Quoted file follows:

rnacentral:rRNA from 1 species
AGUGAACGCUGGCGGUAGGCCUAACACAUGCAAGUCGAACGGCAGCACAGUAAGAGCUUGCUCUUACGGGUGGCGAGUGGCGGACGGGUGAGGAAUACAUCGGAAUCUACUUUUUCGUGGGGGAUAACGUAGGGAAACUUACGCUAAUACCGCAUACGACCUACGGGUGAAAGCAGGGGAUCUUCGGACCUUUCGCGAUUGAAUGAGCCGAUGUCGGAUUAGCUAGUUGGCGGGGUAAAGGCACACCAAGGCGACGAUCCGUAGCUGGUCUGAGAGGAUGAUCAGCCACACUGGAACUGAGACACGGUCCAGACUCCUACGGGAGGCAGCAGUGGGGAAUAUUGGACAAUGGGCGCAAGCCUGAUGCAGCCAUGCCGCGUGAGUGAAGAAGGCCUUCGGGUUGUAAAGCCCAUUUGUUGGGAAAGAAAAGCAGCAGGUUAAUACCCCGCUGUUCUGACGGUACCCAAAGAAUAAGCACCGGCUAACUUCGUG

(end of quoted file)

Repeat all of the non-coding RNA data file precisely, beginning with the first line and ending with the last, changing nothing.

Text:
rnacentral:rRNA from 1 species
AGUGAACGCUGGCGGUAGGCCUAACACAUGCAAGUCGAACGGCAGCACAGUAAGAGCUUGCUCUUACGGGUGGCGAGUGGCGGACGGGUGAGGAAUACAUCGGAAUCUACUUUUUCGUGGGGGAUAACGUAGGGAAACUUACGCUAAUACCGCAUACGACCUACGGGUGAAAGCAGGGGAUCUUCGGACCUUUCGCGAUUGAAUGAGCCGAUGUCGGAUUAGCUAGUUGGCGGGGUAAAGGCACACCAAGGCGACGAUCCGUAGCUGGUCUGAGAGGAUGAUCAGCCACACUGGAACUGAGACACGGUCCAGACUCCUACGGGAGGCAGCAGUGGGGAAUAUUGGACAAUGGGCGCAAGCCUGAUGCAGCCAUGCCGCGUGAGUGAAGAAGGCCUUCGGGUUGUAAAGCCCAUUUGUUGGGAAAGAAAAGCAGCAGGUUAAUACCCCGCUGUUCUGACGGUACCCAAAGAAUAAGCACCGGCUAACUUCGUG